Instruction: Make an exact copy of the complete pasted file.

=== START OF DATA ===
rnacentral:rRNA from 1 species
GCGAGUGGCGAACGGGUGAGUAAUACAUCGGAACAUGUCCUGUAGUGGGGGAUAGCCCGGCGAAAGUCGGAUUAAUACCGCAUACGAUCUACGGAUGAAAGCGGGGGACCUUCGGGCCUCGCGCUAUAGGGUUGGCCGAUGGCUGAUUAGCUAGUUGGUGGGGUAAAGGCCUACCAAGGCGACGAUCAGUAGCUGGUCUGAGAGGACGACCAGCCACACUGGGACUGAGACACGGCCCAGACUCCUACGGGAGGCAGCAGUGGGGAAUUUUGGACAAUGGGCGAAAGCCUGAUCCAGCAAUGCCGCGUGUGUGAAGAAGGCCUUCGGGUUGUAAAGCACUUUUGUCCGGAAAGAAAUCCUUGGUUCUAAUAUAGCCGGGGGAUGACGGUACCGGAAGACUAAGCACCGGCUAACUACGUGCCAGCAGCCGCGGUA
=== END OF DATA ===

rnacentral:rRNA from 1 species
GCGAGUGGCGAACGGGUGAGUAAUACAUCGGAACAUGUCCUGUAGUGGGGGAUAGCCCGGCGAAAGUCGGAUUAAUACCGCAUACGAUCUACGGAUGAAAGCGGGGGACCUUCGGGCCUCGCGCUAUAGGGUUGGCCGAUGGCUGAUUAGCUAGUUGGUGGGGUAAAGGCCUACCAAGGCGACGAUCAGUAGCUGGUCUGAGAGGACGACCAGCCACACUGGGACUGAGACACGGCCCAGACUCCUACGGGAGGCAGCAGUGGGGAAUUUUGGACAAUGGGCGAAAGCCUGAUCCAGCAAUGCCGCGUGUGUGAAGAAGGCCUUCGGGUUGUAAAGCACUUUUGUCCGGAAAGAAAUCCUUGGUUCUAAUAUAGCCGGGGGAUGACGGUACCGGAAGACUAAGCACCGGCUAACUACGUGCCAGCAGCCGCGGUA